This brief post-audition chat quickly morphed into an actual job interview, which we jokingly referred to as the “Miss Congeniality” round. It became an integral part of all our auditions. Our purpose was not only to make sure that a candidate’s personality would be compatible with his or her future colleagues, although in a few instances it was painfully apparent that there were problems in that area. Rather, we primarily asked questions that would measure what the candidate could offer the orchestra beyond just playing well: “What experience do you have working with young people?” “Are you comfortable speaking to a group of strangers?” “Tell us about a performance you played that was especially meaningful to you.”
The answers to that last question were particularly revealing. Invariably, the most compelling responses did not involve performing in Carnegie Hall or playing under a famous Maestro. More typical were stories of playing for underprivileged children or starting a lunchtime chamber music series in a downtown office building; not the glamorous gigs, but those in which music touched people whom it hadn’t touched before.
Sensing that the Memphis Symphony’s future would be substantially different from its past, we wanted to use every possible means to insure that our new members were a good fit with our long-term goals. When I described the “Miss Congeniality” round to business people on our Board of Directors, they were incredulous that such an interview was not already part of our hiring process. It was sometimes difficult to explain that in professional orchestras, a musician plays an audition and is offered a position; if all goes well during the one or two year probationary period, he or she pretty much has a job for life, barring catastrophic on-the-job behavior or other extreme circumstances. So if nothing else, the interviews helped us avoid hiring errors that would have been awkward to undo later.
It would be too simplistic to say that adding an interview to auditions will help assure orchestras’ future. What’s more, such a statement runs smack into the “elephant in the room,” namely the question of artistic quality. Some years ago, I raised the issue of looking at more than just a candidate’s playing with a group of musicians from fine professional orchestras. Their vehement response boiled down to: “The person who plays the best audition gets the job. Period.”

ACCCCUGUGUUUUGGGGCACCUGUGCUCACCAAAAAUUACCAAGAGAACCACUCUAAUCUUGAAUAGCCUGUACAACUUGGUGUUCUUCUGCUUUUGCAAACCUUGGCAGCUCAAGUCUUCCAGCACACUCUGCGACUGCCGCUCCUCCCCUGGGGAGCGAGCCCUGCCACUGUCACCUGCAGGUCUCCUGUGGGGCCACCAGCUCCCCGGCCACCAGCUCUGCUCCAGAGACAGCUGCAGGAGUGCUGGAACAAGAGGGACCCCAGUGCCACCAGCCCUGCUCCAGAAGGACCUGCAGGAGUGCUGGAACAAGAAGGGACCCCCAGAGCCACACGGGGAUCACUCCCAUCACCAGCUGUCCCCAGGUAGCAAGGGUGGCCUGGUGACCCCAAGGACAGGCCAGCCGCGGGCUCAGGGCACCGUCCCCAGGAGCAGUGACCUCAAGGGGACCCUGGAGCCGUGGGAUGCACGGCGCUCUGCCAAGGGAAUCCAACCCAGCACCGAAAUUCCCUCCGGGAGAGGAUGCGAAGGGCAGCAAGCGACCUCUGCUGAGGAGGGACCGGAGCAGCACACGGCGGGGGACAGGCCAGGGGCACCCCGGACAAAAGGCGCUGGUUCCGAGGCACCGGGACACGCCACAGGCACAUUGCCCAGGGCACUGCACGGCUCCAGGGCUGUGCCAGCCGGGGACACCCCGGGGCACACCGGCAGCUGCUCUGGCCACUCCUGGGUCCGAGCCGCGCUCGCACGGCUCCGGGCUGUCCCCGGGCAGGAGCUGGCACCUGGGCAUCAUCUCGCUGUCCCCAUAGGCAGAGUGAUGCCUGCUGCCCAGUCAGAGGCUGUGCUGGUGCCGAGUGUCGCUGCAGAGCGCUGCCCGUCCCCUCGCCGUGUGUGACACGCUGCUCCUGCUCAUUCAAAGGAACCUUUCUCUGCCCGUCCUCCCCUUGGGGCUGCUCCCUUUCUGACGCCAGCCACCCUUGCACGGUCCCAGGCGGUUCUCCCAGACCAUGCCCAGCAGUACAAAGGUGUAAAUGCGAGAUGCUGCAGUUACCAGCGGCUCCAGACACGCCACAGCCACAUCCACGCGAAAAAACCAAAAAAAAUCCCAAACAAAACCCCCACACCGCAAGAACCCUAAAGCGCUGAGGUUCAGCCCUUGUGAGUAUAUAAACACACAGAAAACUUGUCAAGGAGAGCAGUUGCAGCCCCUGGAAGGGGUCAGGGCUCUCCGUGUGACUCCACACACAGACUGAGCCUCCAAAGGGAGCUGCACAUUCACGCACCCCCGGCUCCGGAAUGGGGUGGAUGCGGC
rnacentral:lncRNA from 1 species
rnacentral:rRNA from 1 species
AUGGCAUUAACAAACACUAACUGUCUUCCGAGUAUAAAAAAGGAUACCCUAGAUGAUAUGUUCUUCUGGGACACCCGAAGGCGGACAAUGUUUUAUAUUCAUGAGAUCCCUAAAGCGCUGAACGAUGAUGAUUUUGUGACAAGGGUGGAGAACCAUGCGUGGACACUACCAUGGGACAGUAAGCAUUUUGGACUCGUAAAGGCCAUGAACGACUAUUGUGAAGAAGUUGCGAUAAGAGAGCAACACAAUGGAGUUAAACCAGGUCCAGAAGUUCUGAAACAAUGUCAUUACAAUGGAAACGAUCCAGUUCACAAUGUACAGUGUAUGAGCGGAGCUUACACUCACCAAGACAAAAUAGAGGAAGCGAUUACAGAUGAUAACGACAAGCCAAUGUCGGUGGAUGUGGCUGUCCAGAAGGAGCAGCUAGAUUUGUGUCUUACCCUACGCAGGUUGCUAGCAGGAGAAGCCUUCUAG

But what if “the best audition” merely means “the most note-perfect audition”? More importantly, what if the nature of the job changes? Imagine that two players make the final round of an audition; they both meet the orchestra’s minimum musical standard, but Candidate A plays a bit more compellingly, while Candidate B can add substantially to the orchestra’s standing in the community. Who gets the job then?
Carrying that example to its logical extreme, imagine two orchestras of roughly equal budget size. Orchestra A plays outstanding concerts to half-empty houses and only pays lip service to the idea of broader community involvement; Orchestra B doesn’t play as well, but has deeply embedded itself into its community’s fabric. One day, there’s a recession and both orchestras hit a financial rough patch. Orchestra B’s street cred helps it weather the storm, while Orchestra A falls into a life-threatening downward spiral from which it barely emerges after several pain-filled years. How much does the difference in artistic quality really matter at that moment?
As long as I’ve been a conductor, it’s been a given that musical excellence is our sine qua non, the value to which all others must be subordinate. I, along with countless idealistic musicians and administrators, still stubbornly believe that. But can our idealism survive the new realities we face?
I remain optimistic that it can because, increasingly, I believe that we may not have to choose between traditional excellence and the attributes that the Miss Congeniality round reveals. Every day at NEC I find myself surrounded by amazingly talented young people. They come to us already playing at a nearly professional level and their open-mindedness and enthusiasm dwarf those of earlier generations. More than anything, they want to have long, rewarding lives as musicians, and already many of them understand that such lives will contain more than simply playing beautiful concerts in beautiful concert halls before a stereotypically beautiful audience. I have faith that they will arm themselves with the skills to make those lives possible and, more importantly, with the will to help reshape our musical institutions to accommodate a changing landscape.